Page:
Author(s): Vangheluwe P, Schuermans M, Raeymaekers L, Wuytack F
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Abstract A reduced activity of the sarcoplasmic reticulum Ca2+ pump SERCA2a is a hallmark of cardiac dysfunction in heart failure. In SERCA2b/b mice, the normal SERCA2a isoform is replaced by SERCA2b, displaying a higher Ca2+ affinity. This elicited decreased cardiac SERCA2 expression and cardiac hypertrophy. Here, the interplay was studied between the increased Ca2+ affinity and a reduced expression of the pump and its role in the cardiac remodeling was investigated. First, SERCA2b/b mice were crossed with SERCA2b transgenes to boost cardiac SERCA2b expression. However, the enforced expression of SERCA2b was spontaneously countered by an increased inhibition by phospholamban (PLB), reducing the pump's Ca2+ affinity. Moreover, the higher SERCA2 content did not prevent hypertrophy. Second, we studied heterozygous SERCA2b/WT mice, which also express lower SERCA2 levels compared to wild-type. Hypertrophy was not observed. In heterozygotes, SERCA2b expression was specifically suppressed, explaining the reduced SERCA2 content. The SERCA2b/WT model strikingly differs from the homozygote models because SERCA2a (not SERCA2b) is the major isoform and because the inhibition of the pump by PLB is decreased instead of being increased. Thus, a tight correlation exists between the SERCA2 levels and Ca2+ affinity (controlled by PLB). This compensatory response may be important to prevent cardiac remodeling.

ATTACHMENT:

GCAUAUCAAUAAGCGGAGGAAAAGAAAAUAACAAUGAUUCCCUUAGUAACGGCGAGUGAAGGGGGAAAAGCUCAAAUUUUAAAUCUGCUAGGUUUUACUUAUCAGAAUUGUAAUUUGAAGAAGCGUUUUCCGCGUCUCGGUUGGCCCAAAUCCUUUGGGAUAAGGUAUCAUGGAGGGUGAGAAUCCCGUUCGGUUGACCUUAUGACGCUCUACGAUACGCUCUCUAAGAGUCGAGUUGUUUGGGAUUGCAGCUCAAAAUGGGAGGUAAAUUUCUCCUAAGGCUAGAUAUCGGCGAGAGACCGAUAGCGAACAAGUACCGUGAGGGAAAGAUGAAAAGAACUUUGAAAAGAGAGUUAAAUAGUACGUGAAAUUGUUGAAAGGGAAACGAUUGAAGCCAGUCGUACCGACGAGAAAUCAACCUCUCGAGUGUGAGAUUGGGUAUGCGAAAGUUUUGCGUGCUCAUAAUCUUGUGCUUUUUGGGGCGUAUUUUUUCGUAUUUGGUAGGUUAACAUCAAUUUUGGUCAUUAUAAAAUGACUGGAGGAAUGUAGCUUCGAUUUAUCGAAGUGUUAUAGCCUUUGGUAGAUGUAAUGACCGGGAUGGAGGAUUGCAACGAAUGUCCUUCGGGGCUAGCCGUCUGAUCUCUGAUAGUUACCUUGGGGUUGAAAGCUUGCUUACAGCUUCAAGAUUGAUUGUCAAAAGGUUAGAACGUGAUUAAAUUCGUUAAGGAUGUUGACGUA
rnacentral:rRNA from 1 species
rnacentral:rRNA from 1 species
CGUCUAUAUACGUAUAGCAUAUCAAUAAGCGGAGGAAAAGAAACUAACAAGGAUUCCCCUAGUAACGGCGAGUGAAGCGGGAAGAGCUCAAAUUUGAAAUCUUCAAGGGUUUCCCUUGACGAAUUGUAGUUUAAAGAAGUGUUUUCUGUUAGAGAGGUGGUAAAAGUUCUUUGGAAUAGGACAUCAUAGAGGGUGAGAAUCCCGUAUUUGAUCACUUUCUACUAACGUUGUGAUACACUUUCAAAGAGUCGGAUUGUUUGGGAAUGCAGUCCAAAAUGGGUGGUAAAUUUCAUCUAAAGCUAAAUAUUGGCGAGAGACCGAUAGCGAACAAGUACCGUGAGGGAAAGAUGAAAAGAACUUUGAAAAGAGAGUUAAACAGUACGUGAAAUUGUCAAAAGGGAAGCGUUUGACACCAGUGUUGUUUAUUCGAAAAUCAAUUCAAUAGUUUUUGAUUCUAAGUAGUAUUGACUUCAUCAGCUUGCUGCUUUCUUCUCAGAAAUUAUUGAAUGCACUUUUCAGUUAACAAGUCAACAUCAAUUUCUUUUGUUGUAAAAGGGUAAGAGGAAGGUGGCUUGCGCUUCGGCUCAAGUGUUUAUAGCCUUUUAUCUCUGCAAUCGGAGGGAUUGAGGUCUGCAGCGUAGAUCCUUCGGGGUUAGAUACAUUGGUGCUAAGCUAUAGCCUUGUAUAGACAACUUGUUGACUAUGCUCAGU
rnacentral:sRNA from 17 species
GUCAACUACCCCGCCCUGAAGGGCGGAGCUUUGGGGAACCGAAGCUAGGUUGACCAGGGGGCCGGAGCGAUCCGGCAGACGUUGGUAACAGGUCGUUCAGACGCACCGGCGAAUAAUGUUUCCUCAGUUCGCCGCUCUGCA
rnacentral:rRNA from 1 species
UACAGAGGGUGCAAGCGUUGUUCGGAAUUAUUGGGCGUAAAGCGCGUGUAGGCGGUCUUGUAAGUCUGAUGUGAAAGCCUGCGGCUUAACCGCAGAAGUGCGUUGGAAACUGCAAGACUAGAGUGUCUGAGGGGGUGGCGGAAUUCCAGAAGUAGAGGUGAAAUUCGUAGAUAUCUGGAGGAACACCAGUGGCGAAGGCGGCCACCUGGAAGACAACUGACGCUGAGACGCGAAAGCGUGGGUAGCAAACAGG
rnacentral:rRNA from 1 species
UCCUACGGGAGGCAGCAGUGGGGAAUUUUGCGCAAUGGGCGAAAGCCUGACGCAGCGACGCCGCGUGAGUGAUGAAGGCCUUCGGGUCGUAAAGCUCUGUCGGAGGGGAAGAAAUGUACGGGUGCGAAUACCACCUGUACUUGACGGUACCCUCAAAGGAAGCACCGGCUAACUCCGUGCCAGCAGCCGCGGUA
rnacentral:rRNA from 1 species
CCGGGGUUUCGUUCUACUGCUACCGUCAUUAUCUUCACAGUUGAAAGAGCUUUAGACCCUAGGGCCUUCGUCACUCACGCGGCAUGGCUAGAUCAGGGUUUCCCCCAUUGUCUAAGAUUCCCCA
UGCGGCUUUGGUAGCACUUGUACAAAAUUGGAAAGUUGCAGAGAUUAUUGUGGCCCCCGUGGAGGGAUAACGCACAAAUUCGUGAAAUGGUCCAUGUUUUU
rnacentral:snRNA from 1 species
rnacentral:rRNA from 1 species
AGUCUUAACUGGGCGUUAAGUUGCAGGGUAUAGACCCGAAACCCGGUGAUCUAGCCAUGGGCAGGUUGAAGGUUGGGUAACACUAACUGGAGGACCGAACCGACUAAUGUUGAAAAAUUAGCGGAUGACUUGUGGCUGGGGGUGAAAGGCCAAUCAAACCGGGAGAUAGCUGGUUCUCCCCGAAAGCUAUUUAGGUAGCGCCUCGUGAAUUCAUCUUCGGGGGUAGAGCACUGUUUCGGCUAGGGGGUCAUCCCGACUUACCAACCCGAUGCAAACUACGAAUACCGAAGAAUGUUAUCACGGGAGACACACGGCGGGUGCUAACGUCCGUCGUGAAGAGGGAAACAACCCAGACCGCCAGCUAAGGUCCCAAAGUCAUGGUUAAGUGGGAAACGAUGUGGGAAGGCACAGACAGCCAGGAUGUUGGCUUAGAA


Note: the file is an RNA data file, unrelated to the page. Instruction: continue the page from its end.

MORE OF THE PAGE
This article was published in Cell Calcium
and referenced in Journal of Microbial & Biochemical Technology